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The Cambridge Buddhist Association (CBA) last week gained the right to live and hold religious services in their house at 75 Sparks St.
Middlesex County Supreme Court Judge Edward M. Ginsberg ruled November 20 that three ordinances calling for a temporary moratorium on the sale of the house and prohibiting its use by tax-exempt institutions were invalid.
The ruling said the city should immediately issue a certificate of occupancy, but a spokesman for the Building Department said yesterday the permit has not been granted.
City Superintendent Charles Sprague is on vacation and could not be reached for comment.
City Solicitor Russell Higley said yesterday the city has not yet decided whether to appeal the decision. He said he has not had a chance to talk to Douglas L. Randall, the private counsel who handled the case, and City Manager James L. Sullivan. The three will reach a decision on Monday, he said, adding that the city has 30 days to file an appeal.
Maurine Freedgood, president of CBA, said yesterday she would not comment on the matter until the end of the 30-day period.
The judge stated in his 13-page opinion that the city had not tried to publicize or hold hearings on the proposed ordinances before trying to enforce them.
"They were trying to play policeman but they really had no legal force," Elsie P. Mitchell, acting director of the CBA, said yesterday. "It was completely arbitrary," she added.
The court found that Sprague had told Mitchell last June "there is no reason not to" allow the CBA to use the house. But, it continues, Sprague later refused the occupancy permit because Higley had told him it had become a "political issue."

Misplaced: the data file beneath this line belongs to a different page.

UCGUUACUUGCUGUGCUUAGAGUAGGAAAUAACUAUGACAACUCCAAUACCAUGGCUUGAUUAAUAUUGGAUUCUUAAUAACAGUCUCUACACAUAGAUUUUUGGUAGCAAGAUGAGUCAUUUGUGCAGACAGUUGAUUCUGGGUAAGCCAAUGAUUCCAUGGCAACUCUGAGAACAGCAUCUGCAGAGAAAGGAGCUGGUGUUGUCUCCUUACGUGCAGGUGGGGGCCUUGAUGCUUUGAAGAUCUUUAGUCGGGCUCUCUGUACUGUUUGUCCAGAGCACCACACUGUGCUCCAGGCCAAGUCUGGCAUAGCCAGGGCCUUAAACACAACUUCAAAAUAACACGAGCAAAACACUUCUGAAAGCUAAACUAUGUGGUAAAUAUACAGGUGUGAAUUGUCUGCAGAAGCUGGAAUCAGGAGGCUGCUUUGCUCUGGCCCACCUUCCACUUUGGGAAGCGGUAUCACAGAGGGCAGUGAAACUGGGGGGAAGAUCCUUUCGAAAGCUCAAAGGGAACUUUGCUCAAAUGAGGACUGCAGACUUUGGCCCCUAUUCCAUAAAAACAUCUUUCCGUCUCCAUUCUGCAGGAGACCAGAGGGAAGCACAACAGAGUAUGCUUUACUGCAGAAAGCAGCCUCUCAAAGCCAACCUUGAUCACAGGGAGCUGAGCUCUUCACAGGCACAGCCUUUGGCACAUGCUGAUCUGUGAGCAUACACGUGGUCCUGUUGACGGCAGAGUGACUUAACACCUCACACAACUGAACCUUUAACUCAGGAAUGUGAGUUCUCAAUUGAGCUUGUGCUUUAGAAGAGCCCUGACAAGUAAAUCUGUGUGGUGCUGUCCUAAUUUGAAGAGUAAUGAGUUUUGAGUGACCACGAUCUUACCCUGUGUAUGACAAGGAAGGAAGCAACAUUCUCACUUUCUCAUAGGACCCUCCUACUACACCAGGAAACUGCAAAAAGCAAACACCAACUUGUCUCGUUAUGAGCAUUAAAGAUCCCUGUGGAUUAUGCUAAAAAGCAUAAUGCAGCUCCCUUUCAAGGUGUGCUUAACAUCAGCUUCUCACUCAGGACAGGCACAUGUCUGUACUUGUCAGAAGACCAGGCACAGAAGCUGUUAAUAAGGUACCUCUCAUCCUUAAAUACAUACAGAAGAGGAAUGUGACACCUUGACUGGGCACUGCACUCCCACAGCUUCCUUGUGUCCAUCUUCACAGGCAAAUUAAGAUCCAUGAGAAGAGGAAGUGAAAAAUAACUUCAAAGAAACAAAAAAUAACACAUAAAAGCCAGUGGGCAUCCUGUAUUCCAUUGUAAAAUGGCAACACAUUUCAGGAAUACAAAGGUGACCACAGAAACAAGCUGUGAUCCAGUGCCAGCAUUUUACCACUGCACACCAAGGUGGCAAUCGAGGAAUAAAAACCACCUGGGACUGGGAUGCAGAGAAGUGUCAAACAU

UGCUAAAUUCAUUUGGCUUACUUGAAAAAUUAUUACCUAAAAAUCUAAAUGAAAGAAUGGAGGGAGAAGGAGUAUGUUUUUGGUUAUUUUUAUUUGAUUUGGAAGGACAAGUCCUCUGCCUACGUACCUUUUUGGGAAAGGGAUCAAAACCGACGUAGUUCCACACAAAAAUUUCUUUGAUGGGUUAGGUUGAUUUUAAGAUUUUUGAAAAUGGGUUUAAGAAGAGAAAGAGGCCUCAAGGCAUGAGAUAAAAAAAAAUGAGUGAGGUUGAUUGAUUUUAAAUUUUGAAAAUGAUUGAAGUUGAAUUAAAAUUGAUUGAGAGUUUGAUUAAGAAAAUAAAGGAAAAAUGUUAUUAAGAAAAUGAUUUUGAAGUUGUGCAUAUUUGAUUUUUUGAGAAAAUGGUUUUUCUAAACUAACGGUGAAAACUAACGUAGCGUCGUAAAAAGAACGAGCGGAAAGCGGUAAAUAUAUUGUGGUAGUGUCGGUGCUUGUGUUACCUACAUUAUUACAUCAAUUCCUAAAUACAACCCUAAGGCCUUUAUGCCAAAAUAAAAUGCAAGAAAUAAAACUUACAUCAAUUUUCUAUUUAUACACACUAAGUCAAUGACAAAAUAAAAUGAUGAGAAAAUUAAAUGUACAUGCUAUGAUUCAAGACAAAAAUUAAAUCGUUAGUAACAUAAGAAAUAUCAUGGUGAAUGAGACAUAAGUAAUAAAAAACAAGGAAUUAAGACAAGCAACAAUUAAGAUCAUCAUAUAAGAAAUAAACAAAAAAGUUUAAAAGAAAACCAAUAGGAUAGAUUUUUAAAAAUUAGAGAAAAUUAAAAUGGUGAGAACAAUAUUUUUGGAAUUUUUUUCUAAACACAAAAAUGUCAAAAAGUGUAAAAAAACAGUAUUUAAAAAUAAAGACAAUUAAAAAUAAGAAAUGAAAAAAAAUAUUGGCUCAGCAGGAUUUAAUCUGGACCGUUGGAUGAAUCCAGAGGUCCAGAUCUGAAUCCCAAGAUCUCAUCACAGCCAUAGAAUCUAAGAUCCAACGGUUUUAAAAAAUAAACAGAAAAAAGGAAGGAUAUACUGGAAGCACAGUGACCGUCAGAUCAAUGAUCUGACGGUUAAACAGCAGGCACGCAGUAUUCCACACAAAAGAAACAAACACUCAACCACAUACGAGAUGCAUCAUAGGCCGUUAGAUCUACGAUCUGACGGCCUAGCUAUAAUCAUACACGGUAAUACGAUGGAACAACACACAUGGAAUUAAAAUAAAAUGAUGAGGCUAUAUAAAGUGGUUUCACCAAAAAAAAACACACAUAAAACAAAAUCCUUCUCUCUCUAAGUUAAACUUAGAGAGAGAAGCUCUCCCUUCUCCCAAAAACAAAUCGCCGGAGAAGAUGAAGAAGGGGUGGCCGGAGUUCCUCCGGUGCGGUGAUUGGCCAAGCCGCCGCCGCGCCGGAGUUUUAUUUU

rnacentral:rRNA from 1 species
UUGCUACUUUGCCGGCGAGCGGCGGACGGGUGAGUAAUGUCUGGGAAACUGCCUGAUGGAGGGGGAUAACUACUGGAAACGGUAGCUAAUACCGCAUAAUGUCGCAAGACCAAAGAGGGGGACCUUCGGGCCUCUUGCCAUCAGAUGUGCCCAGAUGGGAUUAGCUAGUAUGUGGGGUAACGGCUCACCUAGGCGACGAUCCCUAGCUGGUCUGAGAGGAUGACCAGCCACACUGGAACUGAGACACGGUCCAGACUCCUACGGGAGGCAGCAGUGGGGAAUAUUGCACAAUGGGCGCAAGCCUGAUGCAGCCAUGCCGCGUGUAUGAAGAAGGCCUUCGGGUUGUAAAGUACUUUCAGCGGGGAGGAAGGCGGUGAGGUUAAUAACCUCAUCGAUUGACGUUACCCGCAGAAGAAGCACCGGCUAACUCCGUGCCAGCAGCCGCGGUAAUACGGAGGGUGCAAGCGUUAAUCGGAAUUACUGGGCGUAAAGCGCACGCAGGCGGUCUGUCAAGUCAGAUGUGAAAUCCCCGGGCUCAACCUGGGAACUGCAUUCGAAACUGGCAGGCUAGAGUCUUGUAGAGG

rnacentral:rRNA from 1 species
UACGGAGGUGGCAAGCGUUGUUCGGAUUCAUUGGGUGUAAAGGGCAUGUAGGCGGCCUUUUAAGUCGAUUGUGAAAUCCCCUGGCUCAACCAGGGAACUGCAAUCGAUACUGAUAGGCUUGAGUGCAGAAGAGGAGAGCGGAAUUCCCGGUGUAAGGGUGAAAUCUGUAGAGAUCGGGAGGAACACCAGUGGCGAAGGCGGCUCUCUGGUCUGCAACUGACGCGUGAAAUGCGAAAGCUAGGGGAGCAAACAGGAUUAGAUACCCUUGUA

Neighbors complained when the CBA bought the house that the group's presence would change the residential character of the neighborhood. Their petition led to the ordinances.
The city based its arguments at the two-day trial held November 7 and 8 on a home-rule measure the state legislature passed this fall, allowing Cambridge to prevent tax-exempt institutions from owning property in residentially-zoned sections of the city.
However, Cambridge has not drawn up any regulations exercising that power, and will not until early next year. The court ruled the city could not bar the CBA while formulating the regulations
David Lennox, a caretaker, and his dog have been the only occupants of the house since the CBA began holding meditation sessions there last spring. The group will not hold services until Cambridge grants a certificate of occupancy.
"Needless to say, we are very pleased," Mitchell said. "But we think it's kind of hard on the taxpayers to pay the city solicitor to go after us in a case that very clearly was just harassment," she added
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